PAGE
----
This is Your Brain on Starbucks

My father often jokes that hundreds of years from now, future anthropologists will speak of the cult of the Seattle goddess, her shrine adorning every airport, shopping mall, and train station in America.  The worshippers partake in a holy communion of coffee, tea, and espresso.  In fact, anthropologists today tell us that in some indigenous American cultures, drinking psychoactive peyote tea is an important part of religious ceremony.  And yet, the very phrase psychoactive tea is somewhat redundant.  All tea and coffee, unless decaffeinated, is psychoactive, albeit usually not to the same extent as peyote, a cactus native to the American Southwest that contains a hallucinogenic alkaloid called mescaline.Continue reading

When the blind can see again: A critical question of perception

Our sense of sight is arguably our most important sense.  Imagine how different your life would be if soon after birth, you lost the ability to see.  For over 1.4 million children worldwide, that is their life.  Being blind in developing countries like India has a costly impact: over 90% of blind children do not go to school, less than 50% make it to adulthood, and for those that do, only 20% are employed. But the real tragedy is that many of these cases of childhood blindness are completely avoidable and even treatable.

Why do they go untreated?

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Copy Number Variants: A Window into Psychiatric Illness

The human genome consists of nearly 25,000 protein-coding genes – and a mutation in just one of these can have dramatic effects on our brains.  Remarkably, one tiny change in our genes (which can be as small as 0.000000025 cm!) can lead to visible changes in our behavior.  Schizophrenia, autism, bipolar disorder, and ADHD have all been linked to variations in our DNA.  But how do changes in our genetic code result in these complex psychiatric disorders?Continue reading

Hacking your Brain with Smart Drugs

What if you could take a pill to enhance your cognitive abilities?  What if this pill could help you ace a test, get more work done efficiently, and truly multitask?  For entrepreneurs in Silicon Valley and executives on Wall Street, the answer to these questions is a resounding “Yes!”  In these high stake environments, the use of nootropics, or “smart drugs,” by normal healthy people has become commonplace.  But what exactly are the compounds that are claimed to improve brain function?  And are they safe?Continue reading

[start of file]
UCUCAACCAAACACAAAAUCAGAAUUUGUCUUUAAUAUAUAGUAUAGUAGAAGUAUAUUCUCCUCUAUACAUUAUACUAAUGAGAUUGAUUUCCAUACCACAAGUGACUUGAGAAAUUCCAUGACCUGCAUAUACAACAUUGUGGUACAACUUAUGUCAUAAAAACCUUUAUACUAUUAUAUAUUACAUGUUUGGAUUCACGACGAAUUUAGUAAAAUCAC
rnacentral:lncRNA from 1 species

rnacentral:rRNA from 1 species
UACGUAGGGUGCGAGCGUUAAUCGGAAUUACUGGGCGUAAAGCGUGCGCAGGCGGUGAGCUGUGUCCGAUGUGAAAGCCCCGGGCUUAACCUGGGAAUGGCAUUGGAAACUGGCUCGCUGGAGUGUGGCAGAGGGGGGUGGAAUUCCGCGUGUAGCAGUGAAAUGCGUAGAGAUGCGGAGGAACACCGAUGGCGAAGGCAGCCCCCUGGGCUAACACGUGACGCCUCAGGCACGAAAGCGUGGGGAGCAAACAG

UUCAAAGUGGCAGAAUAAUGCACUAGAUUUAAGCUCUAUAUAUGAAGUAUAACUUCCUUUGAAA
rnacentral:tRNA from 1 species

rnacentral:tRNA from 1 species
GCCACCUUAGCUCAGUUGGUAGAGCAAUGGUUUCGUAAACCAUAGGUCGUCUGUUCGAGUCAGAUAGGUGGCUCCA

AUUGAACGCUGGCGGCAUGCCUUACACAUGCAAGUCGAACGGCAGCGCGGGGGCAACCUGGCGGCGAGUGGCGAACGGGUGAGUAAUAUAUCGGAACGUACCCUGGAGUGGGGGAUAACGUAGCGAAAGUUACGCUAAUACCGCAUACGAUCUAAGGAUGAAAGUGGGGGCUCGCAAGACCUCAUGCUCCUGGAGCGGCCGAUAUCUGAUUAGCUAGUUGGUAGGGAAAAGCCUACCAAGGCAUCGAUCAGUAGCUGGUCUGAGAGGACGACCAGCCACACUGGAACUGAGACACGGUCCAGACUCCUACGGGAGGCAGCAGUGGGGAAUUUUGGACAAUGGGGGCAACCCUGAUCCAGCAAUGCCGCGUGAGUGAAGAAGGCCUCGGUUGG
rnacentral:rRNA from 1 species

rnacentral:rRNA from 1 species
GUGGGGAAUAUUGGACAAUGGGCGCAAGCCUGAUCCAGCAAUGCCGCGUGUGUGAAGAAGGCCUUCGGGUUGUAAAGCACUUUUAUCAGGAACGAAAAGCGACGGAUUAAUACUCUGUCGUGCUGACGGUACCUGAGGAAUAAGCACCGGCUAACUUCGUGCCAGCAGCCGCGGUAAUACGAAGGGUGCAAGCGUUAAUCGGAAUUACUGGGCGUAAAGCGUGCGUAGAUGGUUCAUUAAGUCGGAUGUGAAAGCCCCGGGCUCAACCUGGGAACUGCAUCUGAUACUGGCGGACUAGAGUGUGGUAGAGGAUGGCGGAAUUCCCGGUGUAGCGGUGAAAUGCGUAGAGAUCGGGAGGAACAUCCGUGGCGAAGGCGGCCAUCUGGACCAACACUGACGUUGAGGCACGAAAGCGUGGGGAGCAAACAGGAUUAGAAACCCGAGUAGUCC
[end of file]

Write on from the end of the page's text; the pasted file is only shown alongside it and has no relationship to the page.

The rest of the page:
Teleportation! Hippocampal Oscillations during Navigation

Who hasn’t wanted to snap their fingers and dive into the pages of the gorgeous places featured in National Geographic?  Caught in a miserable physics exam that you haven’t studied for?  No problem, with teleportation you can be whisked away to an expedition to Mars or an Australian beach.  Afraid of heights but curious about skydiving?  Immersion into an artificial, computer-simulated environment can emulate the look and feel of the real thing without any danger or risk.  Virtual reality enables the military to train pilots to fly planes without leaving the safety of the base.  Virtual environments are almost limitless in scope, allowing researchers to study complex motor behaviors.  These virtual environments are often experienced with a head mounted display that allows the participant to move freely within the perceived environment — be it a pre-historic landscape or a lunar landing.Continue reading

Gliders, Blinkers, and Pulsars: Complexity and the Game of Life

Previously on Knowing Neurons, we considered self-organized criticality (SOC) and network science (AKA graph theory) as two possible sources of complex behavior in the brain and other physiological systems. As discussed in that piece, complex behavior as observed in quantifiable, physiological signals appears healthy, motivating the question of what gives rise to such behavior. In two prior posts, we established that studying individual parts per se in a physiological system will never yield a complete understanding of the system.Continue reading